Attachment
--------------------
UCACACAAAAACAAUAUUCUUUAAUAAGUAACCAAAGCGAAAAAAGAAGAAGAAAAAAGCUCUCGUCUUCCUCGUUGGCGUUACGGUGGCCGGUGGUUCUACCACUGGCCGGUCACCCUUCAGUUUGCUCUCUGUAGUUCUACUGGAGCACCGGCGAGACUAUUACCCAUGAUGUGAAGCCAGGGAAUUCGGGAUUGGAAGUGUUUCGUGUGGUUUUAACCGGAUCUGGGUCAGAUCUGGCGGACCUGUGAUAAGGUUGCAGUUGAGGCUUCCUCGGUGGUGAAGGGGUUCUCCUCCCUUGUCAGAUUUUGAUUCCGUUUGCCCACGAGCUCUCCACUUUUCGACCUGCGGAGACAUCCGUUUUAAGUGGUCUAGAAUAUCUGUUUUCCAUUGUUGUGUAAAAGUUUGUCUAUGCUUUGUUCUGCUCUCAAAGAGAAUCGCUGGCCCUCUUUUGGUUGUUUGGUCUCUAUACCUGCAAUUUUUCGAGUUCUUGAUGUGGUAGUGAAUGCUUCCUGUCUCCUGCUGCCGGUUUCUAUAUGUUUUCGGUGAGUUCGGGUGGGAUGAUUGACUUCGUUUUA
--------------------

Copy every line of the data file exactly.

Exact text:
UCACACAAAAACAAUAUUCUUUAAUAAGUAACCAAAGCGAAAAAAGAAGAAGAAAAAAGCUCUCGUCUUCCUCGUUGGCGUUACGGUGGCCGGUGGUUCUACCACUGGCCGGUCACCCUUCAGUUUGCUCUCUGUAGUUCUACUGGAGCACCGGCGAGACUAUUACCCAUGAUGUGAAGCCAGGGAAUUCGGGAUUGGAAGUGUUUCGUGUGGUUUUAACCGGAUCUGGGUCAGAUCUGGCGGACCUGUGAUAAGGUUGCAGUUGAGGCUUCCUCGGUGGUGAAGGGGUUCUCCUCCCUUGUCAGAUUUUGAUUCCGUUUGCCCACGAGCUCUCCACUUUUCGACCUGCGGAGACAUCCGUUUUAAGUGGUCUAGAAUAUCUGUUUUCCAUUGUUGUGUAAAAGUUUGUCUAUGCUUUGUUCUGCUCUCAAAGAGAAUCGCUGGCCCUCUUUUGGUUGUUUGGUCUCUAUACCUGCAAUUUUUCGAGUUCUUGAUGUGGUAGUGAAUGCUUCCUGUCUCCUGCUGCCGGUUUCUAUAUGUUUUCGGUGAGUUCGGGUGGGAUGAUUGACUUCGUUUUA